34. The method of claim 31 wherein an amount of electrical output generated by the portable electronic device charger corresponds to an amount of physical movement of a user carrying the portable electronic device charger.
35. The method of claim 32 wherein an amount of electrical output generated by the portable electronic device charger corresponds to the amount of turning of the key by a user.
36. The method of claim 31 wherein the portable electronic device is a mobile phone.
37. The method of claim 31 wherein the portable electronic device is a mobile music player.
Description
FIELD OF THE INVENTION

The invention relates generally to charging electronic devices, and more particularly, to a portable electronic device charger.

BACKGROUND

The proliferation of small portable electronic devices including mobile phones and portable radios in recent years has underlined the need for small rechargeable batteries and battery chargers.

Cell phone users frequently complain of how they are unable to use their cell phone in a critical situation due to low battery levels. Typically, a mobile phone battery lasts about 2 to 5 hours in the talk mode or 2 to 4 days in the standby mode. Currently, rechargeable batteries require an external power source for recharging such as a household electrical outlet.

However, this does not fulfill the demand for re-charging batteries during prolonged outdoor activities or other situations where an external power source is often unavailable. In many situations, like camping, small portable electronic devices such as mobile phones stop functioning due to inadequate battery charge, leaving the user feeling stranded with no means of communication. Furthermore, during emergency situations in remote areas, having a reliable source of power to re-charge or supplement charge and use a mobile phone or a two-way radio for communication is extremely valuable.

Accordingly, what is needed is a charger that is capable of charging a portable electronic device without using chemicals or chemical compounds. The charger would be capable of providing alternate methods for supplementing charge or charging a rechargeable battery often found in portable electronic devices.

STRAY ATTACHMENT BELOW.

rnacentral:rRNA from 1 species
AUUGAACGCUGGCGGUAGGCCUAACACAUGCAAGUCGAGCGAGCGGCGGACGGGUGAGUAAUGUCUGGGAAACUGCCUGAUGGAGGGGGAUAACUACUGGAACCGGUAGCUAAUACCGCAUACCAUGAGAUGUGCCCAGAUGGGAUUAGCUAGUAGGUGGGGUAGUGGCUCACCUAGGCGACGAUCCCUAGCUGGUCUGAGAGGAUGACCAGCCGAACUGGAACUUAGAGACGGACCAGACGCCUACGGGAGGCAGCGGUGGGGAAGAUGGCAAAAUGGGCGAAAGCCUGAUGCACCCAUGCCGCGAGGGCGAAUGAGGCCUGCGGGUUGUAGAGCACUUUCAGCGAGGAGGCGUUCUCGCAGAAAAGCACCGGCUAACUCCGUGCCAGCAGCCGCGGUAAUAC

SUMMARY OF THE INVENTION

A portable electronic device charger and a method for using the same are provided. In one embodiment, the charger includes a pendulum mounted to a housing and oscillating in response to movement of the housing. The pendulum includes a first trigger piece and a second trigger piece. The first trigger piece causes the rotation of a first gear element in a gear unit in one direction while the second trigger piece causes the rotation of a second gear element in an opposite direction. The charger also includes an electric generator that has an electric generator shaft rotated by the gear unit. The electric generator generates an electrical output. A circuit communicatively connected to the electric generator receives the electrical output and converts it to an output to be routed via an output coupling in the housing to deliver charge to a rechargeable battery in a portable electronic device.

BRIEF DESCRIPTION OF THE DRAWINGS

The present invention is illustrated by way of example, and not limitation, in the figures of the accompanying drawings in which:

FIG. 1 illustrates one embodiment of a portable electronic device charger with a mobile phone;

FIG. 2a illustrates one embodiment of a front view of the portable electronic device charger;

FIG. 2b illustrates one embodiment of a side view of the portable electronic device charger shown in FIG. 2a;